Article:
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Re: [UCR] RIF needs different reasoning methods

From: Ed Barkmeyer <edbark@nist.gov>
Date: Tue, 07 Mar 2006 15:13:54 -0500
Message-ID: <440DE982.8090103@nist.gov>
To: Francois Bry <bry@ifi.lmu.de>
CC: public-rif-wg@w3.org


I wrote:

>>That is, you want 3 kinds of RIF rules:
>>a) "deduction rules", generally having the semantics
>>   FROM <antecedent> CONCLUDE <consequent assertion>
>>where the <consequent assertion> is to be recorded in the KB for
>>future use.

you wrote:

> Basically yes. But "to be recorded in the KB for future use" is not the
> only way to proceed. This is called "materialization". This is only one
> of the possible approaches. Another one is to re-evaluate the rules by
> need. THis second approach might be preferable in two cases: when
> re-evaluating is more efficient than storing and when some data (e.g.
> facts or A-boxes) the deduction rule refer are updated.

I agree that materialization is an implementation strategy.
You are correct that there are multiple semantically equivalent strategies, 
assuming that the ruleset attaches no semantic significance to explicit 
ordering (and related "meta-rules" ideas).  I really meant to contrast 
"directed inferencing" ("deduction rules") with "directed consistency testing" 
("normative rules").

>>b) "normative rules", generally having the semantics
>>   WHEN <antecedent> REQUIRE <consequent assertion>
>>where the <consequent assertion> must (at the point of this
>>evaluation) already be recorded in the KB; 
> again, replace "recorded in the KB" by "implied by the KB" and this is
> fine with me.

Yes.  This would seem to represent a test that some other inference rules have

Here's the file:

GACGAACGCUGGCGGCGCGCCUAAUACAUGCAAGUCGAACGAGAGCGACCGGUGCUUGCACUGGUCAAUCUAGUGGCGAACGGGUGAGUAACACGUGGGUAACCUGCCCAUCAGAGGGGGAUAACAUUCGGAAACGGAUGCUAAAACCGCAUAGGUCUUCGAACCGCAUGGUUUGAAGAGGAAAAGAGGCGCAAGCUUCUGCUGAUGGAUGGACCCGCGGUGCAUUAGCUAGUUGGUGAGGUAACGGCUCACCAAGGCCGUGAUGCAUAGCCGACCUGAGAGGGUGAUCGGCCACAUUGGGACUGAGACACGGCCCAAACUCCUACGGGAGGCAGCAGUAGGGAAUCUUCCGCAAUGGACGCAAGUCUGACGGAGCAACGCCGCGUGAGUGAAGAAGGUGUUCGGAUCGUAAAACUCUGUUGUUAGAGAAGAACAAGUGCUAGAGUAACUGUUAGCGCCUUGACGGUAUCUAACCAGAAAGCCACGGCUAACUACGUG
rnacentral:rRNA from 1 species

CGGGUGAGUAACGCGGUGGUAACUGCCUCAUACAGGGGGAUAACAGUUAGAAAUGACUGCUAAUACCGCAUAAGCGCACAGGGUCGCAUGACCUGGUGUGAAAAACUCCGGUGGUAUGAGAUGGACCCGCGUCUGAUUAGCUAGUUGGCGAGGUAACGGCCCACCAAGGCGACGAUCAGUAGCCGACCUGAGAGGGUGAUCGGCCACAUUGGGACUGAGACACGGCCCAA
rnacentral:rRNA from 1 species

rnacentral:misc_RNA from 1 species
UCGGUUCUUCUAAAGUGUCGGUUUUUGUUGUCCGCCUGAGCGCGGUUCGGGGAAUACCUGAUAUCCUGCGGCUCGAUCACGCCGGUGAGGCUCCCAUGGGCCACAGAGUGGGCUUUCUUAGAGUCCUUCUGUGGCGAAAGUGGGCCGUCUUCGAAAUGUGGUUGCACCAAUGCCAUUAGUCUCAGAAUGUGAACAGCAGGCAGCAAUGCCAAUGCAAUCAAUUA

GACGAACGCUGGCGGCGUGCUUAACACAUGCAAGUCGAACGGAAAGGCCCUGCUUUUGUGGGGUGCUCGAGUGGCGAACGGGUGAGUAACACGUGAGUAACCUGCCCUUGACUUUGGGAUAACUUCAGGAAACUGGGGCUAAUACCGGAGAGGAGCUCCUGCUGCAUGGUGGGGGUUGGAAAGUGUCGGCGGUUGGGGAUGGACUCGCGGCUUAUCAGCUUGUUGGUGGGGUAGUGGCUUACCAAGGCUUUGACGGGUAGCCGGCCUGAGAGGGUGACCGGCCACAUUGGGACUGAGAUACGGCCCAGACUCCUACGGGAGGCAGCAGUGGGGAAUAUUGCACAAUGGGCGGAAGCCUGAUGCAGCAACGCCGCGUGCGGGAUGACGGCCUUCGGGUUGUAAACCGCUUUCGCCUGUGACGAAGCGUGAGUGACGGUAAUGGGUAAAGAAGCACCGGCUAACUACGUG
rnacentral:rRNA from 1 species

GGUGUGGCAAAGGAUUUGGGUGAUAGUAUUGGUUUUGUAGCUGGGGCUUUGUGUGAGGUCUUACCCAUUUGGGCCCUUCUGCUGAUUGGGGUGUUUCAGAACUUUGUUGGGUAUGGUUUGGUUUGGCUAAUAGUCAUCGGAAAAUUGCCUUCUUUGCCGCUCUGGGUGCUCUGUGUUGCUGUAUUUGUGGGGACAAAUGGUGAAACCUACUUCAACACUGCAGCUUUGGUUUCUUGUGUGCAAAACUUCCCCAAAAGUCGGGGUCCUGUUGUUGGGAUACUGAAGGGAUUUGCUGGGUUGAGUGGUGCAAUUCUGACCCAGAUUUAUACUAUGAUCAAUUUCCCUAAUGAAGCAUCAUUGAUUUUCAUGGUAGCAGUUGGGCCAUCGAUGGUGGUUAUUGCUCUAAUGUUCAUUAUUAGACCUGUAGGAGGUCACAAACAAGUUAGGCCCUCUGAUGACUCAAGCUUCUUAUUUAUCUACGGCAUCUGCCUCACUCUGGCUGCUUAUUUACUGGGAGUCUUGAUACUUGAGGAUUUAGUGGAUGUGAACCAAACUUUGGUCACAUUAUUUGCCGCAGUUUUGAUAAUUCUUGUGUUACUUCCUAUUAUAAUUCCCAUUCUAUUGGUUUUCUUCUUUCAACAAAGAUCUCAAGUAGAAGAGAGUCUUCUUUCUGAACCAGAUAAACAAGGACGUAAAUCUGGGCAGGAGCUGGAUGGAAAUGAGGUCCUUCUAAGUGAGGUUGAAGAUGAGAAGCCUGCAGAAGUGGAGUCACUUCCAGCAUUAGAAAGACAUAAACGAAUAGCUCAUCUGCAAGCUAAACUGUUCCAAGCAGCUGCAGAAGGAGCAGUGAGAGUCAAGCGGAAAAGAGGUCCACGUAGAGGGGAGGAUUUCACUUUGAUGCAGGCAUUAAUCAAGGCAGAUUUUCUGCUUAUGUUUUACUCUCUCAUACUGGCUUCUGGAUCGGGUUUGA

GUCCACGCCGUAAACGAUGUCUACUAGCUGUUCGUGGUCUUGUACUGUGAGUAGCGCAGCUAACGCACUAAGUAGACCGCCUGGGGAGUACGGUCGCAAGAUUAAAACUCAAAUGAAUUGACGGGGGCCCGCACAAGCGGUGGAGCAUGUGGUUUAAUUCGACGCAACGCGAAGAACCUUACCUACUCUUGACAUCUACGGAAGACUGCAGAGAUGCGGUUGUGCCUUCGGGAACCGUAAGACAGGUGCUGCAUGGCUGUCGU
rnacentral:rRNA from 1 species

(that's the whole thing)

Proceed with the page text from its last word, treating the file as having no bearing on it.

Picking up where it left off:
also been satisfied, but in most cases, it represents a test that the 
corresponding assertions are present or absent.  (Materialization may make 
assertion and inference indistinguishable.)

It should also be noted that you only need normative rules if you have 
constraints on the syntax that prevents the contrapositive from being stated 
as a "deductive rule".  E.g.
   WHEN p(x) REQUIRE q(x)
   IF NOT q(x) CONCLUDE NOT p(x)
but "NOT q(x)" may be an invalid antecedent or "NOT p(x)" may be an invalid 

Alternatively, you need normative rules only if that is the only notion of 
"consistency" the Rules engine enforces.  (This is a property derived from 
their database origins.)

>>c) "reactive rules", ...
> Not really so. The reactive rule should consider instances, so as to
> reduce the evaluation costs. If a normative rule says
>   all x p(x) => q(x) or r(x)
> and r(y) is removed, then the reactive rule to be evaluated is:
> ON remove r(y) CHECK (p(y) => q(y))
> Note that y is bound by the event "remove r(y)".

Thank you for this clarification.  I completely misunderstood "reactive rules".

It seems to me that identifying "all x p(x) => q(x) or r(x)" as a "normative 
rule", however, is sufficient.  I would expect the semantics of "normative 
rule" to imply that an engine should reevaluate the rule whenever an inference 
asserts a new p(x) or contradicts a q(x) or r(x).  So why would I need
  "ON remove r(y) CHECK (p(y) => q(y))"?
This seems to be a direction for some specific implementation strategy.
(Technically, "remove r(y)" does not "contradict" r(y), unless r has NAF 
semantics.  But it clearly requires the proof of "q(y) or r(y)" to be 

Further, I am concerned about the semantics of "remove".
I assume that we are here considering remove to be a well-defined "action" on 
the KB, as distinct from an "Event" that would take us into the land of 
Event-Condition-Action rules.  And even so, the "remove" action requires RIF